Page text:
Praised as Joan Crawford’s “greatest triumph”, Johnny Guitar is a 1954 western drama directed by Nicholas Ray. Featuring the Academy Award winning actress, Johnny Guitar follows Vienna, a strong-willed and independent saloonkeeper with a volatile relationship between herself and the community of an Arizona cattle town. Vienna and her unstable relationship with the town and it’s cattlemen stem from Vienna’s support for a new railroad to be constructed through the town. The opposition is led by Vienna’s rival, Emma Small who is played by Mercedes McCambridge. Emma and the townsfolk will cease at nothing to run Vienna out of the town. Originally received with negative reviews, the film was later liked and would be considered to be one of Nicholas Ray’s best film. In 2008, Johnny Guitar was selected for preservation in the United States National Film Registry by the Library of Congress as being “culturally, historically, or aesthetically significant”.
For a film made in 1954, the narrative complements the feminist ideologies of the 21st century, all while making it a standout western in the 1950’s. The film follows a strong female lead, Vienna who isn’t the traditionally jaded damsel in distress in need of being rescued and isn’t led by decisions while blinded by love. Rather, we see elements of a traditional western film narrative that features an outside force threatening the peace of the town, in this case Johnny ‘Guitar’ Logan. Johnny’s timing showing up is anything but a coincidence. We see Vienna emerging as the heroine, fighting the opposition and doing whatever it takes to protect herself and her friends. The dialogue is smart, witty and progresses the narrative at an appropriate pace. And what is a western without some action? The film concludes with a traditional, good ol’ western chase on horseback and showdown that leaves us on the edge of our seats. Without revealing too much, Johnny Guitar satisfies expectations for a western film and features a progressive story that highlights Crawford, McCambridge and the rest of the dynamic cast, plenty of action and aesthetically engaging compositions filmed with TruColor on 35mm.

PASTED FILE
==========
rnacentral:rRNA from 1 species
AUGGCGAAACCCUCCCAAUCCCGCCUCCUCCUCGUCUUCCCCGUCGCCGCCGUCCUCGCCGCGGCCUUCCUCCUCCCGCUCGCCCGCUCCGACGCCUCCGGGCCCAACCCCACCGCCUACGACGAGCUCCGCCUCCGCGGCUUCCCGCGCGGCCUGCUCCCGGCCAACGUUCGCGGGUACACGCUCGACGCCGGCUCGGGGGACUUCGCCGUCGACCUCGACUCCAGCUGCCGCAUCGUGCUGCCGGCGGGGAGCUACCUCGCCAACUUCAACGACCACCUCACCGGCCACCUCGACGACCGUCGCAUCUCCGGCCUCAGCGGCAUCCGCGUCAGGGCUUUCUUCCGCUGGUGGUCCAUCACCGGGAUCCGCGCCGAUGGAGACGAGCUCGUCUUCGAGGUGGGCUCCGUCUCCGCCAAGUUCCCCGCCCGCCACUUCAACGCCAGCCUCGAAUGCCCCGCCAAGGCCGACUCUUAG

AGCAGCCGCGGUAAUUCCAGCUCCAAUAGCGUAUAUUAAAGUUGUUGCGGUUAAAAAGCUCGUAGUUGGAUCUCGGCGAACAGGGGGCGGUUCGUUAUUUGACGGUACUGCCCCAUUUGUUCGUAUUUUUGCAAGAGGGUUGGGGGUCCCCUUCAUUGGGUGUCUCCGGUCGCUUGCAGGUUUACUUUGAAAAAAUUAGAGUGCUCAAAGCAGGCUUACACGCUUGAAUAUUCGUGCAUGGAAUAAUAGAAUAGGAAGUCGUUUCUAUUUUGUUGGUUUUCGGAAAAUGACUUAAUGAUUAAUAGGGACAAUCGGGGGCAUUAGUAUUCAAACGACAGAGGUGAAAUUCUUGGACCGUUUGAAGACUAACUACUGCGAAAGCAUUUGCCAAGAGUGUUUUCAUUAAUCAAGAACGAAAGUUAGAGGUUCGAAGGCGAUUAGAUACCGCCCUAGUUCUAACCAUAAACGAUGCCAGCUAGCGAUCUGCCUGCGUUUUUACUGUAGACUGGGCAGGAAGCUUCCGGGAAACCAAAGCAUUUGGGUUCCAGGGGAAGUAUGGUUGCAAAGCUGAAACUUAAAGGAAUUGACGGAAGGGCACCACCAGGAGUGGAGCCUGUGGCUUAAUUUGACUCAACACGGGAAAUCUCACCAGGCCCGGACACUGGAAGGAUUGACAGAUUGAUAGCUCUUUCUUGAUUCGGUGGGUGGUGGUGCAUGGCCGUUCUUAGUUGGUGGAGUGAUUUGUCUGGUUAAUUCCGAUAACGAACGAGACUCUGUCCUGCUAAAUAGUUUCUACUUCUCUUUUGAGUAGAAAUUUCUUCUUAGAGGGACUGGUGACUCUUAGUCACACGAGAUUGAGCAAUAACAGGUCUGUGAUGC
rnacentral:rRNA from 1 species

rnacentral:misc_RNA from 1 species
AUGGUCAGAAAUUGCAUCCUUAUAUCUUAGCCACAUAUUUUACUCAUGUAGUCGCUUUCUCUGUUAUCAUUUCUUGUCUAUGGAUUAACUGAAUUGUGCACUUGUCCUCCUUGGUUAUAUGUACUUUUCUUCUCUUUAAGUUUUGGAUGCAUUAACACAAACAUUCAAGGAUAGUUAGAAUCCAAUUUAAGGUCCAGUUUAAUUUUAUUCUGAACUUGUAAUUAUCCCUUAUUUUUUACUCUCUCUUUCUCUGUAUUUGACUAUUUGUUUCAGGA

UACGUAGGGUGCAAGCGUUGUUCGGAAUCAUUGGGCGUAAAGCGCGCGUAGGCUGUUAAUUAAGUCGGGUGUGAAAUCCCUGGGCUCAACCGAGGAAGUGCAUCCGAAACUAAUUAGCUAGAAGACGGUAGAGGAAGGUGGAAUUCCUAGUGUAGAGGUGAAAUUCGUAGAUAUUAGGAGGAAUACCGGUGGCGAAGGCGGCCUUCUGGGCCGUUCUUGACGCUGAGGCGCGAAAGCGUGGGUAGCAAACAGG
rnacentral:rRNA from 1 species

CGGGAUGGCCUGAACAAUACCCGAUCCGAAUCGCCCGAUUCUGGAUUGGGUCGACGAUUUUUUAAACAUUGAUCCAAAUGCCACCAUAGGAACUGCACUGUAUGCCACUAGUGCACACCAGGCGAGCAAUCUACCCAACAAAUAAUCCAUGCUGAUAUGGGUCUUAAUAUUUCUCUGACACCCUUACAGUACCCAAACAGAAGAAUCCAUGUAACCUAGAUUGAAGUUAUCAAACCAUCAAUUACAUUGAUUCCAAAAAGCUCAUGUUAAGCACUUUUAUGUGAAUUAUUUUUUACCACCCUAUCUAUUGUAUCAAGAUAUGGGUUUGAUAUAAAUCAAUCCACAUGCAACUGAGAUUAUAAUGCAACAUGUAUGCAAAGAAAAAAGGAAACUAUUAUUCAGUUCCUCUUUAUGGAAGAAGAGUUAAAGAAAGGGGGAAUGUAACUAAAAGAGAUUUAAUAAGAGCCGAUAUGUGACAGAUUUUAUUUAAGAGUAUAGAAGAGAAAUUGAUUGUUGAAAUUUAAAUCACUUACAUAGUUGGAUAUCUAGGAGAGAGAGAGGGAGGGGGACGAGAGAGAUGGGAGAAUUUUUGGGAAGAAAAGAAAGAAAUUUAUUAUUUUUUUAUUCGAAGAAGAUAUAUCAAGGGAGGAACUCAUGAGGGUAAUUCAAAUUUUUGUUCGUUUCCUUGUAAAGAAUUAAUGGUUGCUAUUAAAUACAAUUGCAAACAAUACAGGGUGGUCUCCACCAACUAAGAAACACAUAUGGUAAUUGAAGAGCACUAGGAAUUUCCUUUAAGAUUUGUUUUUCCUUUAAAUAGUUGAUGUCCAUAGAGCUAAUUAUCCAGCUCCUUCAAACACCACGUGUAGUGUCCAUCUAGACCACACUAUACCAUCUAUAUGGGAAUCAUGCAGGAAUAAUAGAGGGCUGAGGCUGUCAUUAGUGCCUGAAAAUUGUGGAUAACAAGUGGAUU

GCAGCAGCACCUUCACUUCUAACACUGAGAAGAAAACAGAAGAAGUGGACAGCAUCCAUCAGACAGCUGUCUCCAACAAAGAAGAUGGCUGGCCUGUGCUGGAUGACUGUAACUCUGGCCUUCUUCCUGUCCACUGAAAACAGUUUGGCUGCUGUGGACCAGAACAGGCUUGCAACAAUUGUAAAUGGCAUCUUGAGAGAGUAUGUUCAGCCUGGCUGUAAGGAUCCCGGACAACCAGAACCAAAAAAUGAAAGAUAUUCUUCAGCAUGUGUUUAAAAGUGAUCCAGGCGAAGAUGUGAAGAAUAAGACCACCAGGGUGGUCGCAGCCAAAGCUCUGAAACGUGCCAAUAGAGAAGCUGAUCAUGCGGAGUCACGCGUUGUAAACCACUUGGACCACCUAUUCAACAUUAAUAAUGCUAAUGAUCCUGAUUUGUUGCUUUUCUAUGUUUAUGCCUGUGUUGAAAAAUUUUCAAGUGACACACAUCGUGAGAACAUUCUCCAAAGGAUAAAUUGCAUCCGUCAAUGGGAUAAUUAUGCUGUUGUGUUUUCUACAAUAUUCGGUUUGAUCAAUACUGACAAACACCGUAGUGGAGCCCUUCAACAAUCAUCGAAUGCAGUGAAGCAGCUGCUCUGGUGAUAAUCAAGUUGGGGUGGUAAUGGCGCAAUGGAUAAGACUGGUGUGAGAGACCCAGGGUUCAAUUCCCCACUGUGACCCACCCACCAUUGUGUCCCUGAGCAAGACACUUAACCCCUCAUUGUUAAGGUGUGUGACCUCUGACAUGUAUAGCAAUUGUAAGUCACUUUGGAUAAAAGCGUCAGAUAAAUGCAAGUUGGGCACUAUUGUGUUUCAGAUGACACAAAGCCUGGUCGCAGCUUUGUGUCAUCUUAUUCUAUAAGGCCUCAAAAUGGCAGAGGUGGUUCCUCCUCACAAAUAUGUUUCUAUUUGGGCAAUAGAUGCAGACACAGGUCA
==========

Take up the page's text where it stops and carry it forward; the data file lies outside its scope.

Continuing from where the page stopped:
As for the director, Nicholas Ray (1911-1979) was one of the most innovative and consistently entertaining filmmakers of the Hollywood studio era, remaining legendary for his intense personality, fierce individuality, and restless creative growth. Coming up through the left-wing Theater of Action in New York City followed by the Federal Theatre Project (alongside John Houseman and Elia Kazan), Ray was known as an “actor’s director” for his tendency to allow the actor to define their own role, which shows through his work in Johnny Guitar. With notable films like In a Lonely Place (1950) and Rebel Without a Cause (1955), Ray demonstrates versatility in style, character development and overall narrative structure. The Northwest Film Center previously celebrated Ray’s work April 25 – June 26, 2015 through a series named Bigger Than Life: The Films of Nicholas Ray.
The Northwest Film Center will screen Johnny Guitar as part of the Bette & Joan film series. Bette Davis (1908-1989) and Joan Crawford (1904-1977) were two of classic Hollywood’s most famous and respected leading ladies. Crawford got her start in the silents, first appearing in minor roles in lavish MGM productions, then transitioning to the gritty Warner Bros. films which earned her fame. The two stars famously carried on a bitter feud throughout their careers, which became fodder for unending gossip and legendary Hollywood lore. But despite their deep personal animosity, the rivalry pushed each to excel, and between them they achieved some of the highest highs in some of the most memorable roles that we have had the good fortune to enjoy.
Written by Omar Rivera, PR/Marketing Intern